John couldn't recall the text he hadn't replied to, but - come on - he doesn't reply to all texts! Apparently this was a key one. She had been doing this to her parents for years and was doing it to a great number of people. She ended up living in her car with her dog and ended up killing herself at 46, which seemed very rapidly. Her name was Karen Korn and her mother has started a program in Seattle providing art supplies and art space to homeless people and people who are transitioning in and out of street.

It is called the Karen Korn project and it is in the basement of St. Paul's Church on Lower Queen Anne. It is supported by a group of people and anyone can go there. There are tables and art supplies and food and coffee. You can just sit and express yourself through art as long as you want. The project is in honor of Karen and is reflecting the fact that Karen ended up homeless. There wasn't any state- or city-sponsored program that she qualified for and in the end she just had no resources.

She wouldn't let John and others come close and she was in a full-on episode towards the end. By pure fortune John saw her one last time as he walked into a coffee shop and she was sitting out front at a table with her dog and she got up and said "I'm sorry, I know you are not my enemy, I'm sorry I did that, I feel a lot better now, I hope that we can hang out" and John had an appointment he had to go to. He should have said that she should come live with him, but she killed herself like two days later.

What happened with Chris Cornell was in a similar vein. Where did it come from? It wasn't clear to the outside world that any of that was going on with him. He had a working relationship with his wife! He was trying to find a medication that worked and unfortunately he got into drugs that were prescribed for him by somebody as an anti-axiety medicine, but they really were addictive tranquilizers.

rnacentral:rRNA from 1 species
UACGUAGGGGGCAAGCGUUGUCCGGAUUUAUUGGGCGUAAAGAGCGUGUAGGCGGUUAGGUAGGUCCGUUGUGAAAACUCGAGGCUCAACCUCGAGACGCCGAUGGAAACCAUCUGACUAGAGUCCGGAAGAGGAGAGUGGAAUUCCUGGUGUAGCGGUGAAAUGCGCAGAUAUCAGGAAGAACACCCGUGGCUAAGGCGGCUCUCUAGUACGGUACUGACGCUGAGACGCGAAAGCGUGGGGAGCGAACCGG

John wants to help others with similar problems (RW77)

John wants to help the people close to him as much as he can, but: He himself had been resistant to help! There was nothing that anybody could have said that would have made him go to a therapist and try a medicine sooner. All the different people said all those things that didn't make sense to him back then until one day he hit bottom. This is an awful thing to say, because bottom is often suicide when it comes to mental illness, or it can be an incident of domestic violence where other people die! Bottom can be a situation where a lot of people die because the false reality and the white hot bloom inside of a person can utterly cease control and make them irrational. Bottom can also be a very very slow and invisible process where you just gradually close the curtains more and more until no one sees you again. Then you become bedridden or homebound or you become physically disabled by virtue of hostamalities (? Timestamp 57:44), mental and otherwise. There is no way to say that one day these people will hit bottom and they will seek help, because it is too multifaceted. John had people say to him (in reaction to things he said before) that his thoughts gave them a different picture from inside of where they were. It is uncommon for people - who have been there - to speak about it in a language that people who are there can hear and go "Huh!"